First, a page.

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 Bipartisan Legislation Seeks to Modify CNA Mandatory Lockout Rules

Long term and post-acute care advocates offered their support for bipartisan legislation that would modify the certified nurse assistant (CNA) training lockout provision of a decades-old budget law by giving the Centers for Medicare & Medicaid Services (CMS) more flexibility in reinstating providers’ CNA training programs.

Reps. Collin Peterson (D-Minn.) and Sean Duffy (R-Wis.) introduced the Nursing Home Workforce Quality Act, which would eliminate the mandatory CNA training lockout for skilled nursing facilities (SNFs), and instead allow the secretary of the Department of Health and Human Services to impose a lockout based on a substandard quality of care.

Under the Omnibus Budget Reconciliation Act of 1987 (OBRA), SNFs that are assessed civil monetary penalties above a certain level (roughly $10,000) on their annual survey automatically lose their authority to train staff to be CNAs for two years, according to a joint statement by the American Health Care Association/National Center for Assisted Living (AHCA/NCAL) and LeadingAge.

The suspension, the two groups noted, is required even if the fines are unrelated to the quality of care given to residents or if the care deficiencies cited on the survey are unrelated to the SNF’s CNA training program.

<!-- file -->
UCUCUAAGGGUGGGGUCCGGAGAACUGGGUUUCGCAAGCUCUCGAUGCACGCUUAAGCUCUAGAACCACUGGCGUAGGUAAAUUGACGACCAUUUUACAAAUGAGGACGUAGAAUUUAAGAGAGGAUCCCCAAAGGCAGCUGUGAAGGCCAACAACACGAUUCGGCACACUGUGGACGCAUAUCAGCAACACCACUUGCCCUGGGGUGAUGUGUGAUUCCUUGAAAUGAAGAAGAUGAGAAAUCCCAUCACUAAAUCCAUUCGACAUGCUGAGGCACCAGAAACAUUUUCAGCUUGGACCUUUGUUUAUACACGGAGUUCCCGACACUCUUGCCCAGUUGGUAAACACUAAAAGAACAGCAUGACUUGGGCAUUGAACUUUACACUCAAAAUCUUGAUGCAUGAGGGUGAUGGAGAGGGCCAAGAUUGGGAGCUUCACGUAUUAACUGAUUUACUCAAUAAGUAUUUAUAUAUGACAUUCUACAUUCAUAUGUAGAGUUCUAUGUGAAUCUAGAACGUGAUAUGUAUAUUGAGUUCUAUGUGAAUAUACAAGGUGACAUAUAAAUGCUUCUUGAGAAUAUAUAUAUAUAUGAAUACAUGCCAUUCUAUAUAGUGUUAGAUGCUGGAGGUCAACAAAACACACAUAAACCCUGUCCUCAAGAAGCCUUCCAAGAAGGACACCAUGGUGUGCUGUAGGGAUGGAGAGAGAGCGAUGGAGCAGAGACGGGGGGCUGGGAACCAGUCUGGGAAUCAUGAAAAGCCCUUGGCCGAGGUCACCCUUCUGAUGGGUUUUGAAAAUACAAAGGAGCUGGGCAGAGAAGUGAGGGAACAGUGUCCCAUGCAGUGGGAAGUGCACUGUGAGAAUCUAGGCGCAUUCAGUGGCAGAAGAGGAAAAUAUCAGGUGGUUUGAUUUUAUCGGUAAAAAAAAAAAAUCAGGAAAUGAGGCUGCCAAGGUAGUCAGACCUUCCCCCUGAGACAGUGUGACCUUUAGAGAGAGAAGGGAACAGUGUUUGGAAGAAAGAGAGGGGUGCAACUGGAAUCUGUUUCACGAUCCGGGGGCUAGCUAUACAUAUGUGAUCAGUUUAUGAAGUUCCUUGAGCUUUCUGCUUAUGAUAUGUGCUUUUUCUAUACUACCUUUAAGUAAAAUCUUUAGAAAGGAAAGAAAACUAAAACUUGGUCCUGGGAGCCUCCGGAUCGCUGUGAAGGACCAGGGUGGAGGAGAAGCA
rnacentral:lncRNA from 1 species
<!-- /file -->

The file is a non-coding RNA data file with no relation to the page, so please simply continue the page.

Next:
“Effectively eliminating training programs for vital frontline staff threatens the quality of care we provide, particularly as the shortage of health care workers becomes more acute,” said Mark Parkinson, president and chief executive officer (CEO) of AHCA/NCAL.

CNAs, he added, are the backbone of quality care, and the jobs that skilled nursing and assisted living communities provide are often integral to the community, particularly in rural and small communities where they are the major employer in the area.

“This bill will help everyone be more responsive to the needs of residents and providers,” Parkinson said.

LeadingAge President and CEO Katie Smith Sloan said, “the introduction of this bill is a monumental step forward in our ongoing efforts to address the challenges providers face in recruiting and retaining workers.”

In a separate statement, Duffy said the CNA lockout rule impacts nearly half of all SNFs in Wisconsin, while in some states that number exceeds 75 percent of facilities.

“As baby boomers continue to live longer and rely more heavily on nonfamilial methods of senior care like nursing homes, SNFs will need the ability to meet growing labor demands,” he said.

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